Margin: Exploring Modern Magical Realism

S H O R T   S T O R Y
THE COAT
b y   b r u c e   t a y l o r   ~   s e a t t l e ,   w a s h i n g t o n

NOW, YOU see it's like this. Little Nicholas Jackson was born into his father's heavy black coat. And soon those were the first memories of Nicholas, struggling and wearing that ill-fitting dark coat and trying like hell to love it even though he hated it. But his father, Nicholas Senior, saw that not only was his coat good enough for him and his name, but if it was good enough for him, then everything he had would automatically be good for his son, and of course, the son, young Nicholas -- how could he know otherwise? So, of course Nicholas wore his father's heavy black coat -- it was all he knew for it was all his father ever knew, for it was all his father knew. And that's all there was to it.

And so, here was Nicholas, hereafter called Nicholas Junior, wearing his father's dark coat.

And it really was a ridiculous coat. What strange first memories young Nicholas had: a strange mixture of a world of sunlight and bees, and blue sky and yellow sun and the coat -- that immense, huge, suffocating, black, heavy coat.

Honest to God how absurd. The only place where he could feel the wind was on his face. No other place, save his hands and his feet when he tried to go barefoot (except he kept stepping on the coat). Nicholas Senior saw Nicholas Junior at times uncomfortable but simply said, "My father had to wear it. I had to wear it. I don't know what your problem is, but I'm sure you'll get used to it, just like I did."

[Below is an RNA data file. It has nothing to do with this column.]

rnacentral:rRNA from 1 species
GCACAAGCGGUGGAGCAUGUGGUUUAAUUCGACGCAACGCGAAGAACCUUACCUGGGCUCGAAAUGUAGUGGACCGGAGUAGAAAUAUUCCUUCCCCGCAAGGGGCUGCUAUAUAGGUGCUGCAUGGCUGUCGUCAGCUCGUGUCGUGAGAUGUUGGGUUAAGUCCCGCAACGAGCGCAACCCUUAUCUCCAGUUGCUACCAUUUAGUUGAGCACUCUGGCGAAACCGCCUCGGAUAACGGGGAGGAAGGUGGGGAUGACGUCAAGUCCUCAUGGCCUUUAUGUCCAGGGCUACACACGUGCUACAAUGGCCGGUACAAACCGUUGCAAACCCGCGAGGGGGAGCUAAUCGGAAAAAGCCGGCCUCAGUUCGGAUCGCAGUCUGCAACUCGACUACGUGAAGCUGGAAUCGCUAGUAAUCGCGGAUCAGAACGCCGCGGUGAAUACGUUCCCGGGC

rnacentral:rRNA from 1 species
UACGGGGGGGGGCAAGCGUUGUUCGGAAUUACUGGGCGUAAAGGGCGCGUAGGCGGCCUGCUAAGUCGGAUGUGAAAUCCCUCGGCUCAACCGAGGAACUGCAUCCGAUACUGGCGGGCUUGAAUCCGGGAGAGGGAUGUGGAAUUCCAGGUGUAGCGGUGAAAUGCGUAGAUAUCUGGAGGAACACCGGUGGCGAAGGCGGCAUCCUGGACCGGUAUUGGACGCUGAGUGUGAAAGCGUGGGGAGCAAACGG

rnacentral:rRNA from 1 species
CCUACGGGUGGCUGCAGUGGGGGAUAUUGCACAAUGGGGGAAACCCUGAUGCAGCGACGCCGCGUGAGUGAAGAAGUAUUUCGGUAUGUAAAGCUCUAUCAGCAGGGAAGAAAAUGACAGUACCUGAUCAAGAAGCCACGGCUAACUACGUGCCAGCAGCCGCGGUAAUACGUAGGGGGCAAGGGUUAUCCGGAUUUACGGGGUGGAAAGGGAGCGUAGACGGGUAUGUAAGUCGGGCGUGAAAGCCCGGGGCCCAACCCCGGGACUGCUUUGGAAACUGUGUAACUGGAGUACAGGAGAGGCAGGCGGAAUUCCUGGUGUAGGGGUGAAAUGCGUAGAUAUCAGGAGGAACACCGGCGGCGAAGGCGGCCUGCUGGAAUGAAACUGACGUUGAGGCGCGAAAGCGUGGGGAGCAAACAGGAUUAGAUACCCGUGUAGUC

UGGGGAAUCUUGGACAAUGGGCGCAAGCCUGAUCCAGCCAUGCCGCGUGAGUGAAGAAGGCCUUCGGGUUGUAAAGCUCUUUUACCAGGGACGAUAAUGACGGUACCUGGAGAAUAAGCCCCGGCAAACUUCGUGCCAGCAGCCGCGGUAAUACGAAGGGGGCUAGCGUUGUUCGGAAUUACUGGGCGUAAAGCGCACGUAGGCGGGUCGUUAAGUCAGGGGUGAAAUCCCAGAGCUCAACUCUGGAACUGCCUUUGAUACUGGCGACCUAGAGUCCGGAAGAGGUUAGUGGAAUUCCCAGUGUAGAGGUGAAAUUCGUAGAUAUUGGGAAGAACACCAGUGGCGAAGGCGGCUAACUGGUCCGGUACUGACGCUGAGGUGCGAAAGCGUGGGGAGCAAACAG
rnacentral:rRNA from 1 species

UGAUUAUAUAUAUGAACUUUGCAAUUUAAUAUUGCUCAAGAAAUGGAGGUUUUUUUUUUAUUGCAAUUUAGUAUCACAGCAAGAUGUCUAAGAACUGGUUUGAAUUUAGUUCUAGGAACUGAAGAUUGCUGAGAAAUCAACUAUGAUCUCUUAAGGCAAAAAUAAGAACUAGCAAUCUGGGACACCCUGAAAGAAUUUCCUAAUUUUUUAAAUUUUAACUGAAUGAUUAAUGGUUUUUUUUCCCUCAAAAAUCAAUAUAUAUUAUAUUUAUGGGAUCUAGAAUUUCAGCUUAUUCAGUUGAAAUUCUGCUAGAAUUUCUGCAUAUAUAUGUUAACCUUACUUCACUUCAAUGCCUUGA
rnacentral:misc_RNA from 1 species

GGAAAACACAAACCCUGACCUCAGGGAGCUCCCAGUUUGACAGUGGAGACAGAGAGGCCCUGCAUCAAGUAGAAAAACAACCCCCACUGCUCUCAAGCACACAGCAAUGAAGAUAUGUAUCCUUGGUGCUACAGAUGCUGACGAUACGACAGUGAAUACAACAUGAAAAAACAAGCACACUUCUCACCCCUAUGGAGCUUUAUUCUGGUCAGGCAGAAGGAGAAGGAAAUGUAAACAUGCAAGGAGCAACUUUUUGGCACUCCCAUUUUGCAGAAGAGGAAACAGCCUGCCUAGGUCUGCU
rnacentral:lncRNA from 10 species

By which Nicholas Junior knew that his father meant there wasn't anything he was going to do about it because if there was, he would realize he might have to do something about his own coat that he had to wear and, for whatever reason, wasn't about to do that.

Oh, how absurd, but at the time, Little Nicholas didn't know what to do about it at all. He didn't have the faintest idea that he could do anything, and whoever realizes that until they are many years along? Then, he might decide that the coat really isn't his style and then make a decision to take it off and drop or shred it, or leave it neatly at the parent's feet or even throw it in their faces.

Ah, would it not be wonderful to decide one's wardrobe so early in life? But not so for Nicholas Junior. Not so for him at all.

Now, you might wonder where was Nicholas' mother in all of this? Did she not realize that Nicholas was wearing too heavy a coat for the occasion? Any occasion, actually. Did not she wonder when Nicholas was just a baby what that dark aura was about him? Didn't she wonder when he, in the baby carriage, kept getting lost in the heavy black coat, that something was wrong? Didn't she ever say, "Nicholas, my baby and darling Nicholas, that coat will make you ill. That coat is much too heavy for your constitution." Now, how was it that the mother did not see? How could she be unaware that when Nicholas went swimming, he stayed and struggled beneath the surface of the water for really too long periods of time? (After all, such a heavy coat simply became waterlogged so that swimming was no fun, and was certainly just a struggle.) And where other children glided like pale fish through the sun-sparkled water, Nicholas just floundered and gasped like a fish out of water. Or how was it that on those lovely hot days, Nicholas, with face beaded and shining in sweat, almost suffocating in that black coat -- how was it that she did not see Nicholas' discomfort?